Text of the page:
4 or 6 Cylinders: Choosing the Best Engine for You

15317895599_3e6c278458_bFour and six cylinders engines are by far the most popular you’ll see on modern cars, even on powerful luxury vehicles, SUVs, and trucks. But what exactly does the cylinder count affect?


The most obvious difference between the two engines is the amount of power they have to offer. Two extra cylinders firing on each rotation mean that a V6 (6 cylinders form a V-shape) can offer roughly 50 percent more power than an I4 (4 cylinders ‘inline’) that uses similar technology. This means more power for acceleration and towing capacity. That’s only when all else is equal, however, so modern four-cylinder engines can often out-power an older V6.

Fuel Economy

Again, if all else is equal, extra cylinders mean a V6 uses more fuel each cycle than an I4. But in this case not all else is equal, since more cylinders make for a larger engine, and a larger engine adds a lot more weight and definitely drops the efficiency. However, V6 vehicles also save some energy, thanks to their having more effective acceleration. Still, four-cylinder engines are, for the most part, more efficient.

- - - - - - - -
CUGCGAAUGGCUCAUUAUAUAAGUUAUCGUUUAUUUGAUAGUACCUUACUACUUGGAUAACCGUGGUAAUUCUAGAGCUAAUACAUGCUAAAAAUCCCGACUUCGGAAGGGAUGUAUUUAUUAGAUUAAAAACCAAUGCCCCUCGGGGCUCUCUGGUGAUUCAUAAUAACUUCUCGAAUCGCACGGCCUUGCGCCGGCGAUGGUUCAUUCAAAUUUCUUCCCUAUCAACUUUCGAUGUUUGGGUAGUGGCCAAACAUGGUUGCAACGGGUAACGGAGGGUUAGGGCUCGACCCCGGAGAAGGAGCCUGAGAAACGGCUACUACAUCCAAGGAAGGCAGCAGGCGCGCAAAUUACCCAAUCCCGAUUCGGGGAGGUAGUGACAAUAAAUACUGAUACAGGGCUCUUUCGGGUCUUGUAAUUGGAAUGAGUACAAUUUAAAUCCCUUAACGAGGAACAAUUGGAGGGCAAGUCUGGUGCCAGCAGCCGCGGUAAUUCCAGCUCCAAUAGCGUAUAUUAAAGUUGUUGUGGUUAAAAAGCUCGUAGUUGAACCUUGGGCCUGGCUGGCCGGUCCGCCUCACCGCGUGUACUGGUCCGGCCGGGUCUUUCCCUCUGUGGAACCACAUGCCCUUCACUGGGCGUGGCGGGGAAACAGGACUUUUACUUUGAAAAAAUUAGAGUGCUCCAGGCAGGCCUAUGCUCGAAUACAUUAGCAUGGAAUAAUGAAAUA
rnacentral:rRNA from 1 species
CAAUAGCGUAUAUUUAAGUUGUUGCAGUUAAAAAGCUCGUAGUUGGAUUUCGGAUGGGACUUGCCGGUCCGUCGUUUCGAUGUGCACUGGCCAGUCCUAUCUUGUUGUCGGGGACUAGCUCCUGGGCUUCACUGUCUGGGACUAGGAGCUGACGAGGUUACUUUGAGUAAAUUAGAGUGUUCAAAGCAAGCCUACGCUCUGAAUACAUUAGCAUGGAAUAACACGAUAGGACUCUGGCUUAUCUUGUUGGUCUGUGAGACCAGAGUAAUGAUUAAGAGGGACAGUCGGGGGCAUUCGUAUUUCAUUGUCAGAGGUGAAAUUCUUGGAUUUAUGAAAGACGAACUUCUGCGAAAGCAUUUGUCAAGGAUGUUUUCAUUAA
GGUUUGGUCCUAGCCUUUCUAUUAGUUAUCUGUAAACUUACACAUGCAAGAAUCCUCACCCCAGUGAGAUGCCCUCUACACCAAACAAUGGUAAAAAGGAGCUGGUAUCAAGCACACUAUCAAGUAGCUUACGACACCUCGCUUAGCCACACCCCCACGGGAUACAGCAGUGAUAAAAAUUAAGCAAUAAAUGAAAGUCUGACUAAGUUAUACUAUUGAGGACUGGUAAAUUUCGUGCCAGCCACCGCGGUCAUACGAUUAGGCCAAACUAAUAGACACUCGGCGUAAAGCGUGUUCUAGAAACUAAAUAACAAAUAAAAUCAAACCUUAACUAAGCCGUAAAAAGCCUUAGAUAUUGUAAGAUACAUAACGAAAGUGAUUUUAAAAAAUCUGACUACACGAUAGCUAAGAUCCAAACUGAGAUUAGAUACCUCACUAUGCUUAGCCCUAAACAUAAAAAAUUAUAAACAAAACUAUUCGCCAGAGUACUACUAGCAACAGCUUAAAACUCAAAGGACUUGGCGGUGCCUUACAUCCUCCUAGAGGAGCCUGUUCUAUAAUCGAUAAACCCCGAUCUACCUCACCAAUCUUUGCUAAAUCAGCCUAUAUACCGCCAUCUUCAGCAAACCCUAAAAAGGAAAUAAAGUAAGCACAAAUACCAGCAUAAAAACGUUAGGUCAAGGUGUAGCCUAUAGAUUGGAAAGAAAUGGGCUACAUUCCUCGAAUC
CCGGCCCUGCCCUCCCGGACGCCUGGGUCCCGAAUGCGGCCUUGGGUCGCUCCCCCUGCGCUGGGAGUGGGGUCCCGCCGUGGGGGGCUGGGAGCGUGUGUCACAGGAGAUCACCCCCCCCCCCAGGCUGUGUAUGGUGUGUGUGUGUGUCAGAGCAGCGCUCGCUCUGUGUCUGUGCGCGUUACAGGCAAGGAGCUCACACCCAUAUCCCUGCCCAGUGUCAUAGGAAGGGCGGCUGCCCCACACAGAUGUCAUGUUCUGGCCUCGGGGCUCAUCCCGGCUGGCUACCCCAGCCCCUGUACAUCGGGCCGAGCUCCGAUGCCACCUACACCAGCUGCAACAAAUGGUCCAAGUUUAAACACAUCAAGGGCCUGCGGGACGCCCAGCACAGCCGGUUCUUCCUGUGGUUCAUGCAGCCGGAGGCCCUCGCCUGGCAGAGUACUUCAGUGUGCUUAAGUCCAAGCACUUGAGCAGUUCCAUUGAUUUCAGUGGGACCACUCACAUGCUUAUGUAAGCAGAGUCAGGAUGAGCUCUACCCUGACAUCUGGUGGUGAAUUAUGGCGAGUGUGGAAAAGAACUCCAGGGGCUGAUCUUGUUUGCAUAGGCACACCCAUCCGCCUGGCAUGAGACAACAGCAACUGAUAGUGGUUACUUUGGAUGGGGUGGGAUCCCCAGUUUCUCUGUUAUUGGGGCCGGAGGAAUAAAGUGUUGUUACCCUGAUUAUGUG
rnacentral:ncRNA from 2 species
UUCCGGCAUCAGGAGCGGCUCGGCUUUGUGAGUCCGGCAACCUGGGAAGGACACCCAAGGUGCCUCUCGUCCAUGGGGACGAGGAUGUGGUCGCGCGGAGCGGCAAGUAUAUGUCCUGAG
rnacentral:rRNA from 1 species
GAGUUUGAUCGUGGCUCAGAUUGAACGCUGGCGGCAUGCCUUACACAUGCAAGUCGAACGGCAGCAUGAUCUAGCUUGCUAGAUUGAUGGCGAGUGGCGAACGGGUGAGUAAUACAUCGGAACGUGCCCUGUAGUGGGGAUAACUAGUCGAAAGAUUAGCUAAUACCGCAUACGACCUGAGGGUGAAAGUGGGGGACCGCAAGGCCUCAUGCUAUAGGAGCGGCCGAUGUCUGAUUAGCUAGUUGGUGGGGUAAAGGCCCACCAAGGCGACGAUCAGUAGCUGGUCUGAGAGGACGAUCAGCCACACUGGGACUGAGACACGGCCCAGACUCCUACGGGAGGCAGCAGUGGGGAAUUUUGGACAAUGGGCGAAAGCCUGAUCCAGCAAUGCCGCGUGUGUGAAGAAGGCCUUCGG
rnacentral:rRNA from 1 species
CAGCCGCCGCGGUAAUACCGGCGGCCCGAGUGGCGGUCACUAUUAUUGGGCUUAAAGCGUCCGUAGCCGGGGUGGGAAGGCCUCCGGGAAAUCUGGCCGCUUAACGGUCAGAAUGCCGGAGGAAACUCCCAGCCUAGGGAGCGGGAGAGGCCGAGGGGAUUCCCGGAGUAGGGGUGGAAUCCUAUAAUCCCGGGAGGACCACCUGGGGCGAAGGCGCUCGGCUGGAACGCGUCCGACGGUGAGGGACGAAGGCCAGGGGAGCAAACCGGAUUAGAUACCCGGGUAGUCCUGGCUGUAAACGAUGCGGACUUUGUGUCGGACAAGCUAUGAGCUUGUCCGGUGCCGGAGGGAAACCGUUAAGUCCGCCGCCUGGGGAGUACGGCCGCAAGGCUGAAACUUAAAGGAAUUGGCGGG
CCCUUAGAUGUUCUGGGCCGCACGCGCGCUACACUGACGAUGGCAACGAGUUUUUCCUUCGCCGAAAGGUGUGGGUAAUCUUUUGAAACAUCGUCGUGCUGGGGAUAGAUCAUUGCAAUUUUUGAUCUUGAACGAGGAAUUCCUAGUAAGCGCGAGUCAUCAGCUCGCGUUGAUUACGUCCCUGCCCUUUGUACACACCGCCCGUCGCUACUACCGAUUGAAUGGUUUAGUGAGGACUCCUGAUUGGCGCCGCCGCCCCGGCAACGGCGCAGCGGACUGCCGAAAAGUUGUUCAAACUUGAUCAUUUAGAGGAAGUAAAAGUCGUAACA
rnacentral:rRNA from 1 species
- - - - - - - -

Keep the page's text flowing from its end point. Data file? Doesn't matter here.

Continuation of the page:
Turbo Vs. Cylinder Deactivation

In some cases, advanced engines use other technology to make up the difference between the two cylinder counts. Turbocharged I4 engines are becoming popular as a way to boost power, and V6 and V8 engines are deactivating some cylinders to improve fuel economy. But while these changes help shore up each engine’s problems, they don’t make the engines interchangeable.

At the end of the day, an I4 is best for fuel efficiency, and a V6 offers more power.


Image via Flickr by Dan Petreikis

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